When Matt Hancock, the new Minister for Murdoch, read out his instructions in the Commons last week, claiming dishonestly that the world had changed since the first part of the Leveson Inquiry was completed in 2012, and that the press had “cleaned up its act”, his department initially allowed the public to see what Lord Justice Leveson had said in response to the decision not to continue the Inquiry process.
But this meant letting the whole world know that Leveson did not merely disagree with the abandonment of the Inquiry; his response eviscerated the Tories for breaking their promise to the victims of press intrusion. So what did the Tories do? After Leveson’s reply was briefly published on the Government’s website … it was deleted.
Yes, our Government has censored Leveson, although it is not hard to see why. When he observed “The conviction of Mazher Mahmood also raises issues of an entirely different species of unlawful and improper conduct”, this will have caused significant discomfort not just to the Tory Party, but its media masters. So the letter was pulled.
Also, as he points out, evidence to Part 1 of the Leveson Inquiry showed that phone hacking had only been admitted on behalf of the now-closed Screws. Since then, it has become clear that it also occurred at the Sun, and the Trinity Mirror titles. Other avenues of illegal information gathering have been pursued by these and other newspapers.
Leveson makes a compelling sales pitch for the continuation of his Inquiry (another reason the Tories decided to censor him), telling “A detailed and independent forensic investigation of compellable witnesses in a public forum, with evidence streamed online and widely available, will likely arrive at the full truth and I would suggest that the public interest would be served by a detailed, reasoned report which covers the whole of the available evidence, not just the evidence relevant to the guilt or otherwise of individual defendants in any specific trial. In short, in neither Part One nor the trials have there been answers to ‘who did what to whom’”.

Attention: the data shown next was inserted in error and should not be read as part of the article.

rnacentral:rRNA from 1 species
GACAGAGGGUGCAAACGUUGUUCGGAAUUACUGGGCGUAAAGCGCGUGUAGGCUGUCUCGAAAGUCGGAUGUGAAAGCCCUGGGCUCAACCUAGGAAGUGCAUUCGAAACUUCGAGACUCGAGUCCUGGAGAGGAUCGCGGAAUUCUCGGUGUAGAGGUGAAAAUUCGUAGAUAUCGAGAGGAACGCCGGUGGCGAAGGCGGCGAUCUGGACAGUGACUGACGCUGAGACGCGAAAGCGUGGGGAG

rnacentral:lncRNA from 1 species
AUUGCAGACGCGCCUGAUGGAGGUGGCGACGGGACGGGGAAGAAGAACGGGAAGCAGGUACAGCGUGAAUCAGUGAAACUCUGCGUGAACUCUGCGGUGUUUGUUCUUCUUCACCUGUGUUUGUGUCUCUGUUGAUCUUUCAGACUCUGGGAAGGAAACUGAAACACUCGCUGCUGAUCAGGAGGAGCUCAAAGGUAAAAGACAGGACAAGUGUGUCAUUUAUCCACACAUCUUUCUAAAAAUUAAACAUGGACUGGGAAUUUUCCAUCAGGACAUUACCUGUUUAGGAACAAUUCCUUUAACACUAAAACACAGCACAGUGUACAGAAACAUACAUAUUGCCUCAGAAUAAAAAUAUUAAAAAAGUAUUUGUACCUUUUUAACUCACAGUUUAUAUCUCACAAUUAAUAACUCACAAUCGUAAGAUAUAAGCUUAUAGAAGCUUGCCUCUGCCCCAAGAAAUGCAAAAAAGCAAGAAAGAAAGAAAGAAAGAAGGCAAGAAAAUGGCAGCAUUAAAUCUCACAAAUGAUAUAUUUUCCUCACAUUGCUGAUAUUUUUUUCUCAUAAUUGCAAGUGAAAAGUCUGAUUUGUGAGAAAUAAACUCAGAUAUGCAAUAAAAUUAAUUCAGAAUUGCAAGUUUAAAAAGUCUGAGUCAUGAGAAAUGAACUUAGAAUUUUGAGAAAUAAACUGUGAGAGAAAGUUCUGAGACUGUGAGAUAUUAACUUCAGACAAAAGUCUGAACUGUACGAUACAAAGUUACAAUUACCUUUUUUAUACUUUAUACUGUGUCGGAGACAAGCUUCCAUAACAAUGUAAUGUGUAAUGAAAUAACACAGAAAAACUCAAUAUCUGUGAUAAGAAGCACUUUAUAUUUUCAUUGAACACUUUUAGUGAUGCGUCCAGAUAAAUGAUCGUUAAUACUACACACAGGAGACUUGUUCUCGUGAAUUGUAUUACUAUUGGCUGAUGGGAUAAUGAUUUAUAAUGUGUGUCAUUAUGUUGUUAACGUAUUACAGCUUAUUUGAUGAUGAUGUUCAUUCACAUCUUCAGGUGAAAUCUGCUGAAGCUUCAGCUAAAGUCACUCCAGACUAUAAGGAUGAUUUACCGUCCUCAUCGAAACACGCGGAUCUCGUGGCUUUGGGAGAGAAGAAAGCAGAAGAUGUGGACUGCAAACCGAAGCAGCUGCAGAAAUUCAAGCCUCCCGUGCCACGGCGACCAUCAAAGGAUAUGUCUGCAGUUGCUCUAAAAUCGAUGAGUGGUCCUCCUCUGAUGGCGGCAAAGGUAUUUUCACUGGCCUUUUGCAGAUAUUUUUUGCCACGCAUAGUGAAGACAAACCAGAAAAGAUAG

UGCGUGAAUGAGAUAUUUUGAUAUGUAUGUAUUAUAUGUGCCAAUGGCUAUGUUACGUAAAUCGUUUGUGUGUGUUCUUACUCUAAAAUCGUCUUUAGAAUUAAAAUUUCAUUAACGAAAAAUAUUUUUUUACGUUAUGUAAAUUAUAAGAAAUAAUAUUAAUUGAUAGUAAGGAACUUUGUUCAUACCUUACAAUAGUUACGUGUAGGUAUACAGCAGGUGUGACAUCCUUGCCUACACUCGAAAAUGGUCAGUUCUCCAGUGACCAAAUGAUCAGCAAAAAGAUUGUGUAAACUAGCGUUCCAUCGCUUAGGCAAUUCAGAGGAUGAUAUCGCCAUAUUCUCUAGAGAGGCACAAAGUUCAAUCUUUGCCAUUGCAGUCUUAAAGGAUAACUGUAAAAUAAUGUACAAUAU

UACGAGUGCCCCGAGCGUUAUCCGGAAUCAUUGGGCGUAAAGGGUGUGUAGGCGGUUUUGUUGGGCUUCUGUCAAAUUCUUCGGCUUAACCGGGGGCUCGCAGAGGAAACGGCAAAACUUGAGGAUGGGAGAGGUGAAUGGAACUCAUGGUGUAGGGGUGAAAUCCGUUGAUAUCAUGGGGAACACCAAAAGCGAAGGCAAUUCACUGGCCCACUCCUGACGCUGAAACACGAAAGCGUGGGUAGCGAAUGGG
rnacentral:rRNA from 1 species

The Tories want to turn their backs on all that. Those looking on are entitled to ask why. What is our Government scared of? How is it that they are putting themselves in a position of denying that full truth to the public? Might it cause them difficulty and discomfort?
Moreover, there is the question of all those victims of press misbehaviour to whom Young Dave gave his solemn promise. Leveson did not forget them, as our Government would forget them. Here he is unequivocal: “I have no doubt that there is still a legitimate expectation on behalf of the public and, in particular, the alleged victims of phone hacking and other unlawful conduct, that there will be a full public examination of the circumstances that allowed that behaviour to develop. That is what they were promised”.
But for the Tories, and in particular the under-fire Theresa May and her captive Culture Secretary, those victims will not sustain them in power and bolster their credibility. The press, in the short term at least, will do that for them. And the short term is all they have.
Matt Hancock lied to the Commons about Leveson wanting the Inquiry to continue, the Tories ignored his direction (a first in modern politics). Then he was censored. We are governed by a grotesquely corrupt and cowardly régime. And that’s not good enough.